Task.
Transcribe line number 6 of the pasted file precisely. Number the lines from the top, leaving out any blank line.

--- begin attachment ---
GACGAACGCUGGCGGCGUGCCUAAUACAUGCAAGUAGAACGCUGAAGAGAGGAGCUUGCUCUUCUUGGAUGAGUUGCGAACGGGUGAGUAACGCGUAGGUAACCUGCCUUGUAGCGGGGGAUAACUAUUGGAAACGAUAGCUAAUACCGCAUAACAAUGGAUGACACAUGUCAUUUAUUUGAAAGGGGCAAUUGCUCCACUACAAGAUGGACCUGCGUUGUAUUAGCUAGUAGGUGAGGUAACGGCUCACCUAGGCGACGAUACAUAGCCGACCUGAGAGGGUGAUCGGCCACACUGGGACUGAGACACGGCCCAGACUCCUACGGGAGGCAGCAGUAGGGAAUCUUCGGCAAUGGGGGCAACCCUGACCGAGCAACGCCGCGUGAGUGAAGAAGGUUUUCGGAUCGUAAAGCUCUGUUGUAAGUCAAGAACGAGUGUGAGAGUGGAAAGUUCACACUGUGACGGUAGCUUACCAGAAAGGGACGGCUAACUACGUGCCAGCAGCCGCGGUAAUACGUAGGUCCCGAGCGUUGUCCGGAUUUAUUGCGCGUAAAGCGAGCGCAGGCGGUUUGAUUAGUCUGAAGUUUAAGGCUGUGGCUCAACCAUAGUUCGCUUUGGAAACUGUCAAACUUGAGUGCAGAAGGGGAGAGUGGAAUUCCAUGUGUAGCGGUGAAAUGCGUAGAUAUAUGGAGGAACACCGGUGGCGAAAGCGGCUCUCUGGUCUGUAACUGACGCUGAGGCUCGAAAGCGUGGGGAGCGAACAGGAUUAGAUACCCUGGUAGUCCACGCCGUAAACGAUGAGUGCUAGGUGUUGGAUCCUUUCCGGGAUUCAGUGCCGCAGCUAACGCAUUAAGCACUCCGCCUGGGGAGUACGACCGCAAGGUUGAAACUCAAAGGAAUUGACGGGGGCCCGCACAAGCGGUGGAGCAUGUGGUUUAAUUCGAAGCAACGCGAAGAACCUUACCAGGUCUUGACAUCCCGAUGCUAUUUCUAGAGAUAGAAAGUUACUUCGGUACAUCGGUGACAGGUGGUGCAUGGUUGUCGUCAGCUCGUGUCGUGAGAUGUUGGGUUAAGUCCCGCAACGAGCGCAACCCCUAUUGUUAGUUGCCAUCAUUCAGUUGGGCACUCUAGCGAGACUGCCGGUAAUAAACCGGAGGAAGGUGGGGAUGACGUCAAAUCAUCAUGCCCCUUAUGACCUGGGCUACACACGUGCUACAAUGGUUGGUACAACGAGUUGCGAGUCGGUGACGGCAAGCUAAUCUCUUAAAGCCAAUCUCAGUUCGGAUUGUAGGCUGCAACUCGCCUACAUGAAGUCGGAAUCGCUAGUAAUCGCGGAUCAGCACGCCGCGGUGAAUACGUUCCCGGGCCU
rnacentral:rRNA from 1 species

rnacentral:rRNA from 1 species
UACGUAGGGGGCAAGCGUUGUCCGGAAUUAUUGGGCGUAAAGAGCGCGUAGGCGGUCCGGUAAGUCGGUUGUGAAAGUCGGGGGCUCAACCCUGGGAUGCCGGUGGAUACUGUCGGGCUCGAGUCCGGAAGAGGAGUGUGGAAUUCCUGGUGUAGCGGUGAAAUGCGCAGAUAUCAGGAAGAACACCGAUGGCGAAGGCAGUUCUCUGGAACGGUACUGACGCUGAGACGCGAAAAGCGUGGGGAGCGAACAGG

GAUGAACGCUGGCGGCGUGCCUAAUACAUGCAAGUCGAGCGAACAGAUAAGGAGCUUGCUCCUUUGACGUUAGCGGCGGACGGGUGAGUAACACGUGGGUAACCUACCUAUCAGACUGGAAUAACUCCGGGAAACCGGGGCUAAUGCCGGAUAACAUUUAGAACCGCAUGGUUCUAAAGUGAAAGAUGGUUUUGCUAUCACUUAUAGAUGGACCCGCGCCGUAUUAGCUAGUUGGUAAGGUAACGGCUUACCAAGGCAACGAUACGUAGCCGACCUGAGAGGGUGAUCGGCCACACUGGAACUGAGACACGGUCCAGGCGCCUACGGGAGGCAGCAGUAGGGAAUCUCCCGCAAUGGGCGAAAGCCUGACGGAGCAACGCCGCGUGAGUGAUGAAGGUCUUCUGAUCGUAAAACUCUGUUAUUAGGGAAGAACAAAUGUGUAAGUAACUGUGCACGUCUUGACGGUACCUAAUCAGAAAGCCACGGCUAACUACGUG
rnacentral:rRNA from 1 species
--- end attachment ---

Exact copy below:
rnacentral:rRNA from 1 species